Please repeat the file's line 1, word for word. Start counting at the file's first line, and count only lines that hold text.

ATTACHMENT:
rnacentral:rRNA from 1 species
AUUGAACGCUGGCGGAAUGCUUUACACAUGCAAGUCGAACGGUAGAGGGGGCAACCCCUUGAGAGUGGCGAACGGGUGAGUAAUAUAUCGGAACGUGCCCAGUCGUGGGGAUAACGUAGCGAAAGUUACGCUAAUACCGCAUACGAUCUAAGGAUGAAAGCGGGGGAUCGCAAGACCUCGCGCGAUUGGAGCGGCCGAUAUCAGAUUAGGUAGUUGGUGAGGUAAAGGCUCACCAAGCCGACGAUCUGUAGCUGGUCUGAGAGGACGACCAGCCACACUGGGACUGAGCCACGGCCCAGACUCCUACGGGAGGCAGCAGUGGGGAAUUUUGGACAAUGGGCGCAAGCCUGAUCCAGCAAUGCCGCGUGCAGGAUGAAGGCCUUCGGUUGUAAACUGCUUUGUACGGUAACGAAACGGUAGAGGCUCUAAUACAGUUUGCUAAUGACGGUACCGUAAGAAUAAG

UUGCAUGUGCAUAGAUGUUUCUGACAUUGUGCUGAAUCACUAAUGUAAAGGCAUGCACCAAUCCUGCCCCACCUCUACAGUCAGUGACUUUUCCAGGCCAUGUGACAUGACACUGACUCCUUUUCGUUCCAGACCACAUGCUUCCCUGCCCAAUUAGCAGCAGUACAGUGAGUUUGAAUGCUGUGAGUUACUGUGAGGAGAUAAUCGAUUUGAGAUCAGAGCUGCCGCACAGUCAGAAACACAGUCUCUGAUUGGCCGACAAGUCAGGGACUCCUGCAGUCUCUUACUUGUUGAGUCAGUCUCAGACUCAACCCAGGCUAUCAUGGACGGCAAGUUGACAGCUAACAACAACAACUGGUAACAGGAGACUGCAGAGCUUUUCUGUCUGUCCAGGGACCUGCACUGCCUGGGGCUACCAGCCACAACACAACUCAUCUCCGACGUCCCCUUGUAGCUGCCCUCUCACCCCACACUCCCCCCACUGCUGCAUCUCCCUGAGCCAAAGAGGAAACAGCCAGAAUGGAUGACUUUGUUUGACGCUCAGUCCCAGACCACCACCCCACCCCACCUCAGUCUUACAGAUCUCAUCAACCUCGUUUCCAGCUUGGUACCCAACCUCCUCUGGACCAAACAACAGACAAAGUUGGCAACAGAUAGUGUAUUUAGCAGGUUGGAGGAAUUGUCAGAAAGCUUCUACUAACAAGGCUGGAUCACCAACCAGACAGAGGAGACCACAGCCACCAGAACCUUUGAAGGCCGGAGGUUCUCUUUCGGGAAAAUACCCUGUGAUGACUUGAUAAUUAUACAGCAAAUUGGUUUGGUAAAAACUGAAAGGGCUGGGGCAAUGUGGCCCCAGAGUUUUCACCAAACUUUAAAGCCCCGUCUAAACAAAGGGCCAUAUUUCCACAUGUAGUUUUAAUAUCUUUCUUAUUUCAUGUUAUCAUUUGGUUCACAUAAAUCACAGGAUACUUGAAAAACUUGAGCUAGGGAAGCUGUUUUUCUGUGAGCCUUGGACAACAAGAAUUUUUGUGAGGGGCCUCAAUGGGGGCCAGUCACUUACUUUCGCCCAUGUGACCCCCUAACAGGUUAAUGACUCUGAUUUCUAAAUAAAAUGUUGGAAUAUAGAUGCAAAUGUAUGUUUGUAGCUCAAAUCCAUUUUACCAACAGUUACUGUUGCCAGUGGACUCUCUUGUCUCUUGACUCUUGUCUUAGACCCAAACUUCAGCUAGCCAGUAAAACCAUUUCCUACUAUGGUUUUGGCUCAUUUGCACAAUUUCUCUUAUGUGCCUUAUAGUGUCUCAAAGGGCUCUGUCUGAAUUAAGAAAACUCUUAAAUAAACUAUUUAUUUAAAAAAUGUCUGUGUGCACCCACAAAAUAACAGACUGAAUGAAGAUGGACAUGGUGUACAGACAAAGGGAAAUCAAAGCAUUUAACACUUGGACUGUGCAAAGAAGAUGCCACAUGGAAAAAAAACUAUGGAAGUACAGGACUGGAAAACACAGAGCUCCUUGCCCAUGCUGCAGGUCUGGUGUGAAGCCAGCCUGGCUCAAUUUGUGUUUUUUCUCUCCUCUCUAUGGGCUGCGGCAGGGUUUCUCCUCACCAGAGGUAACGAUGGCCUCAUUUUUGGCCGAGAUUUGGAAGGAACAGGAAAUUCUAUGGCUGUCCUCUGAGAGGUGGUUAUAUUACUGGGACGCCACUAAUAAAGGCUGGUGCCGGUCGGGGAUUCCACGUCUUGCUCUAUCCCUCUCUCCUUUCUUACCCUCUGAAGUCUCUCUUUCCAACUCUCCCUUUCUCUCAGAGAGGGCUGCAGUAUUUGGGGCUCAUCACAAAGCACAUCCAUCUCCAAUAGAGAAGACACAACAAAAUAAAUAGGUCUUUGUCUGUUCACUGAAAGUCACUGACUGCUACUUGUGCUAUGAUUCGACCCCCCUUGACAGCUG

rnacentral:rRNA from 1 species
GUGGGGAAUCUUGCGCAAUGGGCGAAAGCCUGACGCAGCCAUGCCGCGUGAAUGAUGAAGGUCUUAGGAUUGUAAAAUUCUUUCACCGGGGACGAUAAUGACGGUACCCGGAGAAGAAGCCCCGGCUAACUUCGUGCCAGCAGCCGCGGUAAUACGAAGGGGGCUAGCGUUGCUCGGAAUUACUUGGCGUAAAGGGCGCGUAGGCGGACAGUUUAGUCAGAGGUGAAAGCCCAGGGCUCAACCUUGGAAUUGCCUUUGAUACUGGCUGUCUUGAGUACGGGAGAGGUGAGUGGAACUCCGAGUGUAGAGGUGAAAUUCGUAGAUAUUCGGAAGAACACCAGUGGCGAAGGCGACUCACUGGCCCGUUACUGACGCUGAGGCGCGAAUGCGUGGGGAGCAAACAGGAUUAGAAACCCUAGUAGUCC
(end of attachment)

rnacentral:rRNA from 1 species